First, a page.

Also in 2011, Bettman asked then-disciplinarian Brendan Shanahan if any plays on a certain night resulted in concussions. When Shanahan replied, “Not so far,” Bettman enthusiastically replied, “Night is young!”
Yet with litigation from former players still pending, Bettman is choosing to ignore the significant progress made in CTE research and is instead clinging to the uncertainty that will always be present in the early stages of brain research.
From a legal and liability standpoint, it’s shrewd. From a humanity standpoint, it’s despicable.
This much was evident when Bettman issued a 20-page ruling back in February about why he was upholding his 20-game suspension issued to Dennis Wideman. In that ruling, if a doctor concluded anything with less than 100 percent full confidence, Bettman took such conclusions to have no bearing whatsoever in reality. For Bettman, it either had to be black or white. Even a hint of gray meant the entire statement from a medical professional needed to be thrown out.
In that same ruling, Bettman failed to admonish the Calgary Flames, a member club of the NHL, for numerous failures in protecting the player’s health.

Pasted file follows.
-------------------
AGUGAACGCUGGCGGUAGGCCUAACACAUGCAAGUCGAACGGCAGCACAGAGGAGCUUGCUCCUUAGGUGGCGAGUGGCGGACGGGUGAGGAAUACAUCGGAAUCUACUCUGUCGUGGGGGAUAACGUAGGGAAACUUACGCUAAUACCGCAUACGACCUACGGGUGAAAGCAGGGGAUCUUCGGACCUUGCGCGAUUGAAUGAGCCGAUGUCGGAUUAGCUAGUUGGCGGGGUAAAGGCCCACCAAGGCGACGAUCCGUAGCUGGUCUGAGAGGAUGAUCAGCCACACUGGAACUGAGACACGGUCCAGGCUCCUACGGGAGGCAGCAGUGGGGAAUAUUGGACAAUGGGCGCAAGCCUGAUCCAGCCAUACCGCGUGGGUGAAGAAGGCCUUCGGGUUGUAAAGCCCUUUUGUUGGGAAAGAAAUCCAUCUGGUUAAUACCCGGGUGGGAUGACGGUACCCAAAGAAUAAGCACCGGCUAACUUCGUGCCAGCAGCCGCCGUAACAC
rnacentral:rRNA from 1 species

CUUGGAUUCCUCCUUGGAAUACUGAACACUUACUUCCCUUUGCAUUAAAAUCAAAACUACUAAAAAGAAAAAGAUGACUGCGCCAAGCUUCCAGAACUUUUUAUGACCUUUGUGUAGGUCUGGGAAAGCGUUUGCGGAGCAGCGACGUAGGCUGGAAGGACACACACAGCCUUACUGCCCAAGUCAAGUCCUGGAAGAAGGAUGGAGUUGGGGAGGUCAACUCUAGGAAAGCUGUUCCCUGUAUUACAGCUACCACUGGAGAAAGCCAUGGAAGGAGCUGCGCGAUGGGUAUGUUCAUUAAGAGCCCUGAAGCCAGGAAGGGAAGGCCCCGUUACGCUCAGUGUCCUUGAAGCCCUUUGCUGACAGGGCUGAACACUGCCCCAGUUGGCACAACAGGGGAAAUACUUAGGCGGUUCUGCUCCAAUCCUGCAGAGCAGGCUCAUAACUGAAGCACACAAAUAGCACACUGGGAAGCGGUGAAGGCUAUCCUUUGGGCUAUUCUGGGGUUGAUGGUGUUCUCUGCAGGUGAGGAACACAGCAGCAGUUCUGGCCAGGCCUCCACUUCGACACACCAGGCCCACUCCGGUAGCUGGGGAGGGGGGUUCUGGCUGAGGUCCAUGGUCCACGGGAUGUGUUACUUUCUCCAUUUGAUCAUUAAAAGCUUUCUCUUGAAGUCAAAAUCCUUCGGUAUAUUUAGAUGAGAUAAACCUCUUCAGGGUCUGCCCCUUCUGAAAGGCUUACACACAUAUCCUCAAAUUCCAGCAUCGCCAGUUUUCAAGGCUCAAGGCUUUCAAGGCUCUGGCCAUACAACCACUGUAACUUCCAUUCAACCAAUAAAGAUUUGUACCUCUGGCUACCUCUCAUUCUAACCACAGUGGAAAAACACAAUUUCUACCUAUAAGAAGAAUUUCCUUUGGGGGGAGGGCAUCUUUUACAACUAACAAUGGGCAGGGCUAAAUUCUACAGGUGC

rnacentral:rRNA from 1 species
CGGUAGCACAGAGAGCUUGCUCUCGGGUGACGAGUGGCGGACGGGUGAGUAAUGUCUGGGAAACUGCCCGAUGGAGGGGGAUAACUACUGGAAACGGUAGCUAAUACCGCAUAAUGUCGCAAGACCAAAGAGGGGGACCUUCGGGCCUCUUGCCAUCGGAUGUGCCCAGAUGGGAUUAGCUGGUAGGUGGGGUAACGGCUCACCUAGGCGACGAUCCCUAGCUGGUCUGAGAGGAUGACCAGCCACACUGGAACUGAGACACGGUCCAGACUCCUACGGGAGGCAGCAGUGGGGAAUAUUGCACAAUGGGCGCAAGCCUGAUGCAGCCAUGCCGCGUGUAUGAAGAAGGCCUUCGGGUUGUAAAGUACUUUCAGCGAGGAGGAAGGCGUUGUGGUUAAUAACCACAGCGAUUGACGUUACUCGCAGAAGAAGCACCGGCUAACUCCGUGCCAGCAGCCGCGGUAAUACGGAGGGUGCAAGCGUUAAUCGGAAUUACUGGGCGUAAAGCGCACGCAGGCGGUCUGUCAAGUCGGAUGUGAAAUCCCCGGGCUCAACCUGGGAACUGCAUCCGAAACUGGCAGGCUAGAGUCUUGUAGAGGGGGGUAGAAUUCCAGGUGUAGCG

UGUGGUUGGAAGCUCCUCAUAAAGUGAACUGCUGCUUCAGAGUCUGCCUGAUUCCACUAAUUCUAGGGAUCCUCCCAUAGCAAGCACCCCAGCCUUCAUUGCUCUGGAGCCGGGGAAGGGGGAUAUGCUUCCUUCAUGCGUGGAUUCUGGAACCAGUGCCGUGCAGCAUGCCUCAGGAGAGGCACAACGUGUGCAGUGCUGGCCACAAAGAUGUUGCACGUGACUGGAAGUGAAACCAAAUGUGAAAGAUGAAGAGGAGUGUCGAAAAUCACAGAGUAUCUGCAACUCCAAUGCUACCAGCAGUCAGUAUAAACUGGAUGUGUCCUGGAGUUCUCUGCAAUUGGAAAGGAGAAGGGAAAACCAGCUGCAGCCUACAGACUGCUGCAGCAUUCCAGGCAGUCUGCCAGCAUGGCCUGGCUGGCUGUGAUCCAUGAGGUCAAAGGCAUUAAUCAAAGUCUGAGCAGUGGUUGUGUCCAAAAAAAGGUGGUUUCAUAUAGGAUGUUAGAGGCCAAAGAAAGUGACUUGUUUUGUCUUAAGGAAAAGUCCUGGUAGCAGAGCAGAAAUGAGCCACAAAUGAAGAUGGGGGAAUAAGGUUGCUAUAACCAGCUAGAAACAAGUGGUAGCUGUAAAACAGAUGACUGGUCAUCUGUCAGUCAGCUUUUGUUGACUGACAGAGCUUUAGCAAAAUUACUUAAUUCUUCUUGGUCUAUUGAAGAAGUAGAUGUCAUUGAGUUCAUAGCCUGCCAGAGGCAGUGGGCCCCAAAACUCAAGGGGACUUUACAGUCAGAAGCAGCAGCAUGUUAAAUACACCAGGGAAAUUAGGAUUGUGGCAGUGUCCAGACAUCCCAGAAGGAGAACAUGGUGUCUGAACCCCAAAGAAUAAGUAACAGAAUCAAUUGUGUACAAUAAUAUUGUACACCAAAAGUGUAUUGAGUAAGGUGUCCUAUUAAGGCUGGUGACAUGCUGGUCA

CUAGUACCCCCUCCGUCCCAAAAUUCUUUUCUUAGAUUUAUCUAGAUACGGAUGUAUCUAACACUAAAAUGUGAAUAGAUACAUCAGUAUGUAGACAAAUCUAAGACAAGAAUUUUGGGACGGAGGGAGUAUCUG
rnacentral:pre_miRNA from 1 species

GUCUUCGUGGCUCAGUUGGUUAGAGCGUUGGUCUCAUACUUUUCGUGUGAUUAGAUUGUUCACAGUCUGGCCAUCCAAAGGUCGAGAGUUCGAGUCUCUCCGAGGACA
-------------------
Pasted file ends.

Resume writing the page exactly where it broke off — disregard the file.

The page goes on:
So surely, the letter sent this week by Bettman was not surprising, but rather a continuance of a position that frankly will be hard to fully disprove for many years to come. In the later pages of the letter, Bettman goes to great lengths to extol the virtues of the NHL in its efforts to combat concussions. And that’s fine — but after the opening five pages, all of those efforts look to be a bare-minimum make-good effort from a league that can’t outright ignore concussions but has its limits in believing science.
The short-term “benefits,” for lack of a better term, will be protection for the league from lawsuits filed by injured and/or deceased former players and their families. But the long-term impact will almost certainly show that the NHL chose to stubbornly stand on the wrong side of history.
And in doing so, much like the NFL, Bettman is taking a firm stance against the humans who make the NHL what it is. Without the players, there is no NHL, there is no revenue, and there is no commissioner making roughly $10 million per year.
Just look at the hypocrisy found just five pages apart:
Worst yet, in this letter to the Senator Blumenthal, Bettman claims he is operating with the health and safety of the players in mind.
“First and foremost, we want to state in no uncertain terms that the health and safety of NHL players is a top priority for the NHL and its member Clubs, as well as the National Hockey League Players’ Association,” Bettman began his letter. “The NHL cares deeply about its players, and we are committed to their well-being.”
By steadfastly fighting against progress in research on the human brain and by discrediting the findings of doctors and medical experts, it’s a wonder that Bettman can make such a statement with a straight face.